How the iPhone Got Tail Fins—Part 2 of 2
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keep competitive. GM would shut down all their manufacturing plants for a few months and literally rip out the tooling, jigs, and dies in every plant and replace them with the equipment needed to make the next year’s model.
GM had figured out how to take a product which solved a problem – cheap transportation – and transform it into a need. It was marketing magic that wasn’t to be equaled until the next century.
By the mid-1950s every other car company was struggling to keep up.
Starting in the 1920s and continuing for the next half century, automobile advertising hit its stride. Ads emphasized brand identification and appealed to consumers’ hunger for prestige and status. Advertising agencies created catchy slogans and jingles, and celebrities endorsed their favorite brands. General Motors turned market segmentation and the annual model year changeovers into national events. As the press speculated about new features, the company’s added to the mystique by guarding the new designs with military secrecy. Consumers counted the days until the new models were “unveiled” at their dealers.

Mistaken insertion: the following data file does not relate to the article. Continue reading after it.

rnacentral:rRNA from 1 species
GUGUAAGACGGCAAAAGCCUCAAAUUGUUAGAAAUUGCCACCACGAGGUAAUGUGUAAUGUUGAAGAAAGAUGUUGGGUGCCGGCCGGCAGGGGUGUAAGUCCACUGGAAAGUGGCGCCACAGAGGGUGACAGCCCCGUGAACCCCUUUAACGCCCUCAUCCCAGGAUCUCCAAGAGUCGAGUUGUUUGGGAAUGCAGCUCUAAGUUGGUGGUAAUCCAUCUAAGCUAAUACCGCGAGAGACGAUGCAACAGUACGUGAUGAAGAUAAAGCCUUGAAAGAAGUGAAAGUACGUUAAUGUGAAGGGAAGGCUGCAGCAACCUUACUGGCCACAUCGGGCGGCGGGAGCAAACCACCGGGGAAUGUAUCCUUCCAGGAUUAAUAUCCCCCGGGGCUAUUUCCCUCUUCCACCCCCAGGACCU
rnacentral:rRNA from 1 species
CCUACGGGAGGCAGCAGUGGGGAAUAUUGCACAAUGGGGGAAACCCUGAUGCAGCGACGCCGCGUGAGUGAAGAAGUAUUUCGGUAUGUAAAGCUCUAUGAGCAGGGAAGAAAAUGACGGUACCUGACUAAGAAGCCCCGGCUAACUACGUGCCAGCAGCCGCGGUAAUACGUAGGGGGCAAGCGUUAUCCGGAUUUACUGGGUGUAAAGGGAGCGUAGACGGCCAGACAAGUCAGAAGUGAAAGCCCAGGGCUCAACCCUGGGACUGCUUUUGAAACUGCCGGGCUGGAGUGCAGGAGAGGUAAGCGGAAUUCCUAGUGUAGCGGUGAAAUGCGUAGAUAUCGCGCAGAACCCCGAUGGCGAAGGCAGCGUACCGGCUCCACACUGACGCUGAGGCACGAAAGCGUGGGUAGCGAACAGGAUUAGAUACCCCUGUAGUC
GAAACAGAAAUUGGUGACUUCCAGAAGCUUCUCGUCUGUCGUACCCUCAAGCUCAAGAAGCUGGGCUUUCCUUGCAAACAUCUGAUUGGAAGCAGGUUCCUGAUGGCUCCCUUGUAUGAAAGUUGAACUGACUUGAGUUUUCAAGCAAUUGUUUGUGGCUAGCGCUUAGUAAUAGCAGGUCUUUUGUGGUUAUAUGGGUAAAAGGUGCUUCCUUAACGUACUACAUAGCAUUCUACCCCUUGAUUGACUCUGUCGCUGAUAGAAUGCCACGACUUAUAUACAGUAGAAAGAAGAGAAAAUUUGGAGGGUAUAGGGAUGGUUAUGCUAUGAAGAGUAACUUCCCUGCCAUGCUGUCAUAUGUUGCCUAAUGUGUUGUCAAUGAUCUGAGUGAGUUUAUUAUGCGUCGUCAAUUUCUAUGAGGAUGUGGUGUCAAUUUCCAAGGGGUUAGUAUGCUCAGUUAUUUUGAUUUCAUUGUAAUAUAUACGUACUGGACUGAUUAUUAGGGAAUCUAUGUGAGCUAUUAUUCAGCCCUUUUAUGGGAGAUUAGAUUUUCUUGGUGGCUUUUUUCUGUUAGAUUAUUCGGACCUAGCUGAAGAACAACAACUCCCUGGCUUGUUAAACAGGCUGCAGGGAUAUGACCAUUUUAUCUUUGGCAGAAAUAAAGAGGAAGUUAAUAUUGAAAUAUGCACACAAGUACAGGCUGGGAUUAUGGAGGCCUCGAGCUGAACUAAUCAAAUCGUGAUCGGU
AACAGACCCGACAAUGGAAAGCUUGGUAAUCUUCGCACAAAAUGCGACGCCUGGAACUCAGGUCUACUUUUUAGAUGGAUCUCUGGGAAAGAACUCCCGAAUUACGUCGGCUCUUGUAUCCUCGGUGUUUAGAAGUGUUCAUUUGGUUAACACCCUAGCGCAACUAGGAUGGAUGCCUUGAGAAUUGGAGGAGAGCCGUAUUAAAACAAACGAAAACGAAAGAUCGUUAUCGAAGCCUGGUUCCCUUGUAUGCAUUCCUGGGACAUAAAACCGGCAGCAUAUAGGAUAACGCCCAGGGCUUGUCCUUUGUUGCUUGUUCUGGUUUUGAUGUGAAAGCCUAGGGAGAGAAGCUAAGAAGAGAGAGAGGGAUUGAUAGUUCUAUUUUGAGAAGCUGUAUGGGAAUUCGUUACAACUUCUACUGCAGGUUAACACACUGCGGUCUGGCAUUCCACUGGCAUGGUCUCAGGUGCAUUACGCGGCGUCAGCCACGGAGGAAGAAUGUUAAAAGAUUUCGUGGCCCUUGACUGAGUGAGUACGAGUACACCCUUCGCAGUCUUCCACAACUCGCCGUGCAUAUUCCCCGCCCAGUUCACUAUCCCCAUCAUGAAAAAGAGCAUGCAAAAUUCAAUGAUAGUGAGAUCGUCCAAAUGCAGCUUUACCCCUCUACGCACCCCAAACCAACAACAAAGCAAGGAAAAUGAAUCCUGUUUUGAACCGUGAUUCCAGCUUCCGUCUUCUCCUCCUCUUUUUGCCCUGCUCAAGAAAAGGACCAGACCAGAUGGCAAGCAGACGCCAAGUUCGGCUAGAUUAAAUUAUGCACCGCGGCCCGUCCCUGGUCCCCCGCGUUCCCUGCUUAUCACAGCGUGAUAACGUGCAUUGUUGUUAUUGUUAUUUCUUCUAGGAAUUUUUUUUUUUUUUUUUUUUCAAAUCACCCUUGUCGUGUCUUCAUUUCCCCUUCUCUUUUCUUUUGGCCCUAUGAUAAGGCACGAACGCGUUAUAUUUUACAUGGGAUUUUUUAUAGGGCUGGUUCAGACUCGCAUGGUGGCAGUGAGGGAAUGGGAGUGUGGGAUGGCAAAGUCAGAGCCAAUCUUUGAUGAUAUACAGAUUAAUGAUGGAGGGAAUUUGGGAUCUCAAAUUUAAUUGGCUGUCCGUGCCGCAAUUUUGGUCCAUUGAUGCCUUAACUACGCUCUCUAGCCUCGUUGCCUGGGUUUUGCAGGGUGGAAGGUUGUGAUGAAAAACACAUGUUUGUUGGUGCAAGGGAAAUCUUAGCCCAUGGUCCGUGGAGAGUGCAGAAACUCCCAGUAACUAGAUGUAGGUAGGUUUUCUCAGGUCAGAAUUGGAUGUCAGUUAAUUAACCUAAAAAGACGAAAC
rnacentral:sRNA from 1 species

For fifty years, until the Japanese imports of the 1970s, Americans talked about the brand and model year of your car – was it a ’58 Chevy, ’65 Mustang, or ’58 Eldorado? Each had its particular cachet, status and admirers. People had heated arguments about who made the best brand.
The car had become part of your personal identity while it became a symbol of 20th-century America.
After Sloan took over General Motors its share of U.S cars sold skyrocketed from 12 per cent in 1920, until it passed Ford in 1930, and when Sloan retired as GM’s CEO in 1956 half the cars sold in the U.S. were made by GM. It would keep that 50 percent share for another 10 years. (Today GM’s share of cars total sold in the U.S. has declined to 19 percent.)
How the iPhone Got Tail Fins
Over the last five years Apple has adopted the GM playbook from the 1920s – take a product, which originally solved a problem – cheap communication – and turn it into a need.
In doing so Apple did to Nokia and RIM what General Motors did to Ford. In both cases, innovation in marketing completely negated these firms’ strengths in reducing costs. The iPhone transformed the cell phone from a device for cheap communication into a touchstone about the user’s image. Just like cars in the 20th century, the iPhone connected with its customers emotionally and viscerally as it became a symbol of who you are.
The desire to line up to buy the newest iPhone when your old one works just fine was just one more part of Steve Jobs’ genius – it’s how the iPhone got tail fins.
It’s one more reason why Steve Jobs will be remembered as the 21st-century version of Alfred P. Sloan.
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